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2020-21 Hornets season preview: Jalen McDaniels

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In his sophomore season he has the inside track to carve out a role on the second unit, but is he ready to contribute on a much deeper Hornets roster?

NBA: Charlotte Hornets at Atlanta Hawks Jason Getz-USA TODAY Sports

Jalen McDaniels is coming off a promising rookie season in which he averaged 5.6 points and 4.1 rebounds in 16 games with the Hornets. Between his time with the Hornets and his 31 games with the Greensboro Swarm, the No. 52 pick in 2019 flashed potential to do three important things: rebound, defend, and stretch the floor.

The slender 6-foot-10, 205-pound forward showed he can be effective enough cleaning the glass at the NBA level after averaging 8.0 rebounds on a per-36 minute basis. Last year his Defensive Real Plus/Minus was +0.51, which ranked a healthy 25th among all power forwards (min. 15 games). That’s not bad for a rookie who spent most of his season in the G-League and didn’t get regular minutes with the Hornets until February.

On the offensive end, he hit nearly 38 percent of his threes in both Charlotte and Greensboro and displayed some nice catch-and-shoot ability. His offensive game with the Hornets reflected the mentality of today’s NBA: 36 percent of his field goal attempts were at the rim and another 34 percent were three-pointers.

So what does 2020-21 have in store for Jalen? Well, it’s complicated.

The signing of Gordon Hayward and drafting LaMelo Ball is going to move two starters from last year to the bench and create lineup combinations we didn’t see previously. While that’s a good thing for the Hornets, it means fewer minutes for some of the team’s young, developing players like McDaniels. While he’s listed as a forward-center on the team’s website, he’s no banger down low. He’s mainly a long, athletic wing and will be fighting for scarce minutes among Charlotte’s perimeter players.

In the end, Jalen McDaniels might become a casualty to the Hornets new roster-related math now that Hayward and Ball have been thrown into the equation. There are a total of 240 minutes available every game to allocate to all players. Here’s my best guess of how those minutes will get distributed most nights for the Hornets eight-man roster:

Guard - LaMelo Ball (30 MPG), Devonte’ Graham (32 MPG), Terry Rozier (30 MPG)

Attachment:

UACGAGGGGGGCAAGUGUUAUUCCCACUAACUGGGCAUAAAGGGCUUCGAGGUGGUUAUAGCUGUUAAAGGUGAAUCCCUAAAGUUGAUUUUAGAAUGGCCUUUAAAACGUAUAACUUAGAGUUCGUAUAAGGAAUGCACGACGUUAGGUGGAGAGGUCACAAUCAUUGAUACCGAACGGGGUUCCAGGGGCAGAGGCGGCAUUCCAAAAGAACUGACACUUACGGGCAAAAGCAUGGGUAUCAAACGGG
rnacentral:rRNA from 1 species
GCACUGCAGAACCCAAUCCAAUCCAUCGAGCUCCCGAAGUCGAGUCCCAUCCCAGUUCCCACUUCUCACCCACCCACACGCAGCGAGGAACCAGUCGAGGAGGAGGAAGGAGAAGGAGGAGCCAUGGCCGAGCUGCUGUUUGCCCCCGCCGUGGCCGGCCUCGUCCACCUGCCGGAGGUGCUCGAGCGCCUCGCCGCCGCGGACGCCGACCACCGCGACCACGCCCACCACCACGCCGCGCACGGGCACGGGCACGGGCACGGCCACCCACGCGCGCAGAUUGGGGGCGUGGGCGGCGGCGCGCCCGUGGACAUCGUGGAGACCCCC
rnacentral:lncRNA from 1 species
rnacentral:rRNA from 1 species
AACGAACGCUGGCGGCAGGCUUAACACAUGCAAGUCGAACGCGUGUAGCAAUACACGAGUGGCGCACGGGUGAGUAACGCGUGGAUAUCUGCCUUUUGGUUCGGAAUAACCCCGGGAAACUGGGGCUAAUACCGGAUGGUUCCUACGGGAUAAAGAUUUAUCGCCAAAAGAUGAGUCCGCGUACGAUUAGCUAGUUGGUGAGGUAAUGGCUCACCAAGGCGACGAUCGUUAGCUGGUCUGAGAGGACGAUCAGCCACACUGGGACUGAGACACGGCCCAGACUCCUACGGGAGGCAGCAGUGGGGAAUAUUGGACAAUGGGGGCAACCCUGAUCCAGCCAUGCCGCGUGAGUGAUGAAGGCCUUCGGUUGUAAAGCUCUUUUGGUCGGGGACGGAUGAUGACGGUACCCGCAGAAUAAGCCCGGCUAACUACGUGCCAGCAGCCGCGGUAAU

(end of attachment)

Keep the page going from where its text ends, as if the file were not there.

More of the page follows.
Forward - Gordon Hayward (33 MPG), PJ Washington (31 MPG), Miles Bridges (28 MPG)

Center - Cody Zeller (24 MPG), Bismack Biyombo (18 MPG)

Assuming those averages are at least directionally correct, somewhere around 226 of the 240 available minutes have already been claimed by these eight players. That said, I think there is a path for Jalen to earn a spot as a reserve playing limited minutes with the second unit which could shake out to be Rozier, Monk, Bridges, McDaniels, and Biyombo.

The biggest gap on the Hornets rosters as currently constructed is at backup power forward, and Jalen has the inside track to claim that role. While the same number of minutes won’t be available this year as there were last year (he averaged 18.3 minutes in 16 games) the Hornets will need a backup to PJ Washington who can do exactly what McDaniels has shown he can do - rebound, defend, and stretch the floor.

My best guess is McDaniels has a “lumpy” sophomore season. I could see him averaging around 10 minutes per game as a key reserve but those minutes won’t be evenly distributed. Some nights he might just play a few minutes while other nights he might not leave the bench. But other nights he could be featured more prominently as foul trouble, injuries, and matchups open the door to opportunity.

Then again, he could end up back in Greensboro for stretches of the year as he continues to hone his burgeoning skills in the G-League. His game is still raw and needs a lot of work, especially as the Hornets are now starting to pivot toward competing for the playoffs. There will be far fewer chances for young players to learn on the fly this year than there were last year.

If Jalen McDaniels is going to claim regular minutes as a reserve he’s going to need to bulk up. As coach James Borrego joked last year, “He’s got the length, but we need more size — to bulk him up. I think I can post him up right now.” Beefier power forwards or stretch fours with refined post-up games can take advantage of Jalen down low.

Many young players make noticeable improvements between their rookie seasons and Year 2. If Jalen can build on the tools he flashed last year he can claim a regular spot in the rotation, but the competition among reserves for playing time will be fierce. Jalen McDaniels’ 2020-21 season can go a variety of different ways. My hope is he adds some muscle, improves his three-point shooting to 40 percent, and meshes well with the second unit. If that happens, he can be a valuable reserve on a much improved Hornets roster.

Poll

How do you see Jalen McDaniels’ 2020-21 season playing out?

This poll is closed

  • 5%
    He’s going to "make the leap" and get big minutes!
    (11 votes)
  • 12%
    Key reserve playing around 20 MPG
    (23 votes)
  • 42%
    Regularly plays around 10 MPG with the second unit
    (81 votes)
  • 30%
    Spends most of the season with the Hornets but only plays sporadic, limited minutes
    (57 votes)
  • 8%
    Spends most of the season in the G-League
    (17 votes)
189 votes total Vote Now